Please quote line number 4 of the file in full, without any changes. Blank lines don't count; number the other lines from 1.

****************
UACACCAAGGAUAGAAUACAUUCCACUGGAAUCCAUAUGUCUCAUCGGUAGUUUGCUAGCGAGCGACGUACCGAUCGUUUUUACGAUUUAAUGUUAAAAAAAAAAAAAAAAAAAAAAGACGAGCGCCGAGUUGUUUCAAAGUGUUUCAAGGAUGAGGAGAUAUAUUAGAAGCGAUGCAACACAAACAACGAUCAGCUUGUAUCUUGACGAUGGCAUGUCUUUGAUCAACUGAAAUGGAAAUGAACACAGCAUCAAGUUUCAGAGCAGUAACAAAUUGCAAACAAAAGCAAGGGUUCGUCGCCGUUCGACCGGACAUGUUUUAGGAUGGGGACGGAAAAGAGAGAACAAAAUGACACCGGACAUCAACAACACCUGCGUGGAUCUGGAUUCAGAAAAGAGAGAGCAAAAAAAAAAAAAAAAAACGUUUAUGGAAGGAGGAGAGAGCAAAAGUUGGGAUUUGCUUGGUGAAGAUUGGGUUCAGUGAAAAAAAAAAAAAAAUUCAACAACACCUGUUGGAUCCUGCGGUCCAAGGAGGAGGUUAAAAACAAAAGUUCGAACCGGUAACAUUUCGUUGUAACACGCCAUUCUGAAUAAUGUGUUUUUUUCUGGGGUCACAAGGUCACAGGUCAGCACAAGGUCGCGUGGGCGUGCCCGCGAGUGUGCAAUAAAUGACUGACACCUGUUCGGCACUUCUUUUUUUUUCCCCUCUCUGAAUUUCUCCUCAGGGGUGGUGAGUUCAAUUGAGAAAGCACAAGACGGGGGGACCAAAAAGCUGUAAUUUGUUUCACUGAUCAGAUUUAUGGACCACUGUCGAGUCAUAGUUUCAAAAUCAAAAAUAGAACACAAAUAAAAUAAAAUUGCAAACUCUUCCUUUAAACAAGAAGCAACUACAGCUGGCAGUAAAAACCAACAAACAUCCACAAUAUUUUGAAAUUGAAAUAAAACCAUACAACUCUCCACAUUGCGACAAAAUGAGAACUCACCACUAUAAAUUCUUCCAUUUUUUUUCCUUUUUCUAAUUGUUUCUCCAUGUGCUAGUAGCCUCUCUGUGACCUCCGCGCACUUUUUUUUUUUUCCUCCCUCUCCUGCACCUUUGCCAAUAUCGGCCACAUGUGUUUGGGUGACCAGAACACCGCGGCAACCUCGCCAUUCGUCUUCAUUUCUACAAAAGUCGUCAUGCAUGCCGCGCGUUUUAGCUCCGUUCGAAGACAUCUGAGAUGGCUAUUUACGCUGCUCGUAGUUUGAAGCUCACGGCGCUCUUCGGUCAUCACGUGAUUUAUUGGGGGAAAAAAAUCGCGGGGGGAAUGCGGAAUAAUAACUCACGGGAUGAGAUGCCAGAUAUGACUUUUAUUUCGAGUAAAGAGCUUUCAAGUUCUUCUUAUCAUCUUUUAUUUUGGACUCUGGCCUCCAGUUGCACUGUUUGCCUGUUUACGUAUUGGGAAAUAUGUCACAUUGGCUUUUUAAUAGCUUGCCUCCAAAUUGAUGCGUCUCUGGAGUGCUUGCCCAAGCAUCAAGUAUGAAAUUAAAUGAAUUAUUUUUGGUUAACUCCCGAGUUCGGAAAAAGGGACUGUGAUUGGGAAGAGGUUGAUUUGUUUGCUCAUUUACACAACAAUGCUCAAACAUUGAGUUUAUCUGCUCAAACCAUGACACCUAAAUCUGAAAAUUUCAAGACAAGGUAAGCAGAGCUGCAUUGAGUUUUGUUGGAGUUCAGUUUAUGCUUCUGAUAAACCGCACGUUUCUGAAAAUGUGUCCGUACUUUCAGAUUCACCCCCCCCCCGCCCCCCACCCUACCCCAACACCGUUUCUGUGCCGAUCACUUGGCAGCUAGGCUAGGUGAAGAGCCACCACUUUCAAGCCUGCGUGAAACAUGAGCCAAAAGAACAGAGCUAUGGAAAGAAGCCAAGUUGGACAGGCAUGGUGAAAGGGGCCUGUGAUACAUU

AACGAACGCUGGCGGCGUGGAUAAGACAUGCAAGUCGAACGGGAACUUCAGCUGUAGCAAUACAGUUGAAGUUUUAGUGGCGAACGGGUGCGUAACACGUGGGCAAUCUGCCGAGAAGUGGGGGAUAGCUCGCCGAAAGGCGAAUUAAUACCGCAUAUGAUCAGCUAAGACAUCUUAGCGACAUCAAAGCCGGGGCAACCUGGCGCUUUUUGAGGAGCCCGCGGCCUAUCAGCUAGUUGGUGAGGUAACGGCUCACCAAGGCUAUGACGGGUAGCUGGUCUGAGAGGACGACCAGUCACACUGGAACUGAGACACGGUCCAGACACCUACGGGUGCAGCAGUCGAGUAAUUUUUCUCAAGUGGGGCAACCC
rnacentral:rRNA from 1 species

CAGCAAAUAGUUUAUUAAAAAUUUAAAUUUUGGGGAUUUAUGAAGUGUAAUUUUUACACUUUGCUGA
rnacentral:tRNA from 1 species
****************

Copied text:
CAGCAAAUAGUUUAUUAAAAAUUUAAAUUUUGGGGAUUUAUGAAGUGUAAUUUUUACACUUUGCUGA